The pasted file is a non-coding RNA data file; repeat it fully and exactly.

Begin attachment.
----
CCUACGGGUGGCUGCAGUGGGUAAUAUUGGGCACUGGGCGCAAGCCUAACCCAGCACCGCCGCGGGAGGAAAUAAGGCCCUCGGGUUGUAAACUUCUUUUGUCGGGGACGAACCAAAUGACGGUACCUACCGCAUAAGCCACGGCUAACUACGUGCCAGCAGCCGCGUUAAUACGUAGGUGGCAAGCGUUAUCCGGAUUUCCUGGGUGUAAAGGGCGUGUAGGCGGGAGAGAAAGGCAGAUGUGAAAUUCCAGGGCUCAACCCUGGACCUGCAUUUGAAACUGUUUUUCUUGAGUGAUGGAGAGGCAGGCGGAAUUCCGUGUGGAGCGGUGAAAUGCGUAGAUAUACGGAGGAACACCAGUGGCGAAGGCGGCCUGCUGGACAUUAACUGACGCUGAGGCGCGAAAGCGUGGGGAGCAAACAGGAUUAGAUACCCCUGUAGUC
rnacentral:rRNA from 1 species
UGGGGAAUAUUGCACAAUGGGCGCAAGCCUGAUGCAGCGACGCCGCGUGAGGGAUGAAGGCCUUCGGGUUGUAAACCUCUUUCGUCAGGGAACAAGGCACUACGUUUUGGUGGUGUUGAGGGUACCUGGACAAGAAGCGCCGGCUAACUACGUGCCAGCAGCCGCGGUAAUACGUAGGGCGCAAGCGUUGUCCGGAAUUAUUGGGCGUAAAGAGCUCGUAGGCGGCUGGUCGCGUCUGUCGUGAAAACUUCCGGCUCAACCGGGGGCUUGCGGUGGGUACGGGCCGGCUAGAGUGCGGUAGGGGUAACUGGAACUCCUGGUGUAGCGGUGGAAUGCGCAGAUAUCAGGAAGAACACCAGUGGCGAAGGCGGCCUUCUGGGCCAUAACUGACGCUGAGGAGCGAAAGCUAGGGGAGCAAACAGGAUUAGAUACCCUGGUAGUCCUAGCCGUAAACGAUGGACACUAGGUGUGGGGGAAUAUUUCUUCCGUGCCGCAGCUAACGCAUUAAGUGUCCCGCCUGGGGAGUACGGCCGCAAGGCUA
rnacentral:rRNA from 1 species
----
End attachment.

CCUACGGGUGGCUGCAGUGGGUAAUAUUGGGCACUGGGCGCAAGCCUAACCCAGCACCGCCGCGGGAGGAAAUAAGGCCCUCGGGUUGUAAACUUCUUUUGUCGGGGACGAACCAAAUGACGGUACCUACCGCAUAAGCCACGGCUAACUACGUGCCAGCAGCCGCGUUAAUACGUAGGUGGCAAGCGUUAUCCGGAUUUCCUGGGUGUAAAGGGCGUGUAGGCGGGAGAGAAAGGCAGAUGUGAAAUUCCAGGGCUCAACCCUGGACCUGCAUUUGAAACUGUUUUUCUUGAGUGAUGGAGAGGCAGGCGGAAUUCCGUGUGGAGCGGUGAAAUGCGUAGAUAUACGGAGGAACACCAGUGGCGAAGGCGGCCUGCUGGACAUUAACUGACGCUGAGGCGCGAAAGCGUGGGGAGCAAACAGGAUUAGAUACCCCUGUAGUC
rnacentral:rRNA from 1 species
UGGGGAAUAUUGCACAAUGGGCGCAAGCCUGAUGCAGCGACGCCGCGUGAGGGAUGAAGGCCUUCGGGUUGUAAACCUCUUUCGUCAGGGAACAAGGCACUACGUUUUGGUGGUGUUGAGGGUACCUGGACAAGAAGCGCCGGCUAACUACGUGCCAGCAGCCGCGGUAAUACGUAGGGCGCAAGCGUUGUCCGGAAUUAUUGGGCGUAAAGAGCUCGUAGGCGGCUGGUCGCGUCUGUCGUGAAAACUUCCGGCUCAACCGGGGGCUUGCGGUGGGUACGGGCCGGCUAGAGUGCGGUAGGGGUAACUGGAACUCCUGGUGUAGCGGUGGAAUGCGCAGAUAUCAGGAAGAACACCAGUGGCGAAGGCGGCCUUCUGGGCCAUAACUGACGCUGAGGAGCGAAAGCUAGGGGAGCAAACAGGAUUAGAUACCCUGGUAGUCCUAGCCGUAAACGAUGGACACUAGGUGUGGGGGAAUAUUUCUUCCGUGCCGCAGCUAACGCAUUAAGUGUCCCGCCUGGGGAGUACGGCCGCAAGGCUA
rnacentral:rRNA from 1 species